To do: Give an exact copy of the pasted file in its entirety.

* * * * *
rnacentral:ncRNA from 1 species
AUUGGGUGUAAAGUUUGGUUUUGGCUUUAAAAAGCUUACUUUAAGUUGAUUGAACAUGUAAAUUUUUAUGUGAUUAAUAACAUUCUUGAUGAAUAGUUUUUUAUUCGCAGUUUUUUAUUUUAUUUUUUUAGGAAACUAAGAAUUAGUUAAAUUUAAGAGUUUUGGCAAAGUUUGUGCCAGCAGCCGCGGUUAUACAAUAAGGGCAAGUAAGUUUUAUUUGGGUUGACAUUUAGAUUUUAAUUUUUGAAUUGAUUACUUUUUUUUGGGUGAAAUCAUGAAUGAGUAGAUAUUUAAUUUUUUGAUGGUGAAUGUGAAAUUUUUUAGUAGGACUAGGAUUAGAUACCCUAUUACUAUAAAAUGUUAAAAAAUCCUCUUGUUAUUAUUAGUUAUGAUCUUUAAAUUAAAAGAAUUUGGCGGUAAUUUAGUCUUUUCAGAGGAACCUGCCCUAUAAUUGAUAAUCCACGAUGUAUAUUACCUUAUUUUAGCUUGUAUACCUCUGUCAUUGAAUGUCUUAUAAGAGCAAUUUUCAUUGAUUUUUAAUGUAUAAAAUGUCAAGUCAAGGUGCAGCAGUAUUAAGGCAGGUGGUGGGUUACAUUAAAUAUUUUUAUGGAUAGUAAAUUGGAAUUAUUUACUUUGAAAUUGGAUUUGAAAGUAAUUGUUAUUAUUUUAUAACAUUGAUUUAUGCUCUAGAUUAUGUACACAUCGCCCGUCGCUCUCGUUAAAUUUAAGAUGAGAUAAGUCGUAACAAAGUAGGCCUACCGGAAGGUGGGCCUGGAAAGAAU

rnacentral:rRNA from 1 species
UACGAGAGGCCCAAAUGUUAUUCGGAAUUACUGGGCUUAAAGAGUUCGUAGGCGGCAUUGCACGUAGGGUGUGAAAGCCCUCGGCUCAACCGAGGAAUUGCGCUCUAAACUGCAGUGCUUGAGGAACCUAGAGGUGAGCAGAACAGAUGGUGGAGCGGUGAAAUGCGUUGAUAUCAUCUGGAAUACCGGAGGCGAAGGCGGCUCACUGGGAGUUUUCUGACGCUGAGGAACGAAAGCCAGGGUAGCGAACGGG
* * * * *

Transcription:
rnacentral:ncRNA from 1 species
AUUGGGUGUAAAGUUUGGUUUUGGCUUUAAAAAGCUUACUUUAAGUUGAUUGAACAUGUAAAUUUUUAUGUGAUUAAUAACAUUCUUGAUGAAUAGUUUUUUAUUCGCAGUUUUUUAUUUUAUUUUUUUAGGAAACUAAGAAUUAGUUAAAUUUAAGAGUUUUGGCAAAGUUUGUGCCAGCAGCCGCGGUUAUACAAUAAGGGCAAGUAAGUUUUAUUUGGGUUGACAUUUAGAUUUUAAUUUUUGAAUUGAUUACUUUUUUUUGGGUGAAAUCAUGAAUGAGUAGAUAUUUAAUUUUUUGAUGGUGAAUGUGAAAUUUUUUAGUAGGACUAGGAUUAGAUACCCUAUUACUAUAAAAUGUUAAAAAAUCCUCUUGUUAUUAUUAGUUAUGAUCUUUAAAUUAAAAGAAUUUGGCGGUAAUUUAGUCUUUUCAGAGGAACCUGCCCUAUAAUUGAUAAUCCACGAUGUAUAUUACCUUAUUUUAGCUUGUAUACCUCUGUCAUUGAAUGUCUUAUAAGAGCAAUUUUCAUUGAUUUUUAAUGUAUAAAAUGUCAAGUCAAGGUGCAGCAGUAUUAAGGCAGGUGGUGGGUUACAUUAAAUAUUUUUAUGGAUAGUAAAUUGGAAUUAUUUACUUUGAAAUUGGAUUUGAAAGUAAUUGUUAUUAUUUUAUAACAUUGAUUUAUGCUCUAGAUUAUGUACACAUCGCCCGUCGCUCUCGUUAAAUUUAAGAUGAGAUAAGUCGUAACAAAGUAGGCCUACCGGAAGGUGGGCCUGGAAAGAAU

rnacentral:rRNA from 1 species
UACGAGAGGCCCAAAUGUUAUUCGGAAUUACUGGGCUUAAAGAGUUCGUAGGCGGCAUUGCACGUAGGGUGUGAAAGCCCUCGGCUCAACCGAGGAAUUGCGCUCUAAACUGCAGUGCUUGAGGAACCUAGAGGUGAGCAGAACAGAUGGUGGAGCGGUGAAAUGCGUUGAUAUCAUCUGGAAUACCGGAGGCGAAGGCGGCUCACUGGGAGUUUUCUGACGCUGAGGAACGAAAGCCAGGGUAGCGAACGGG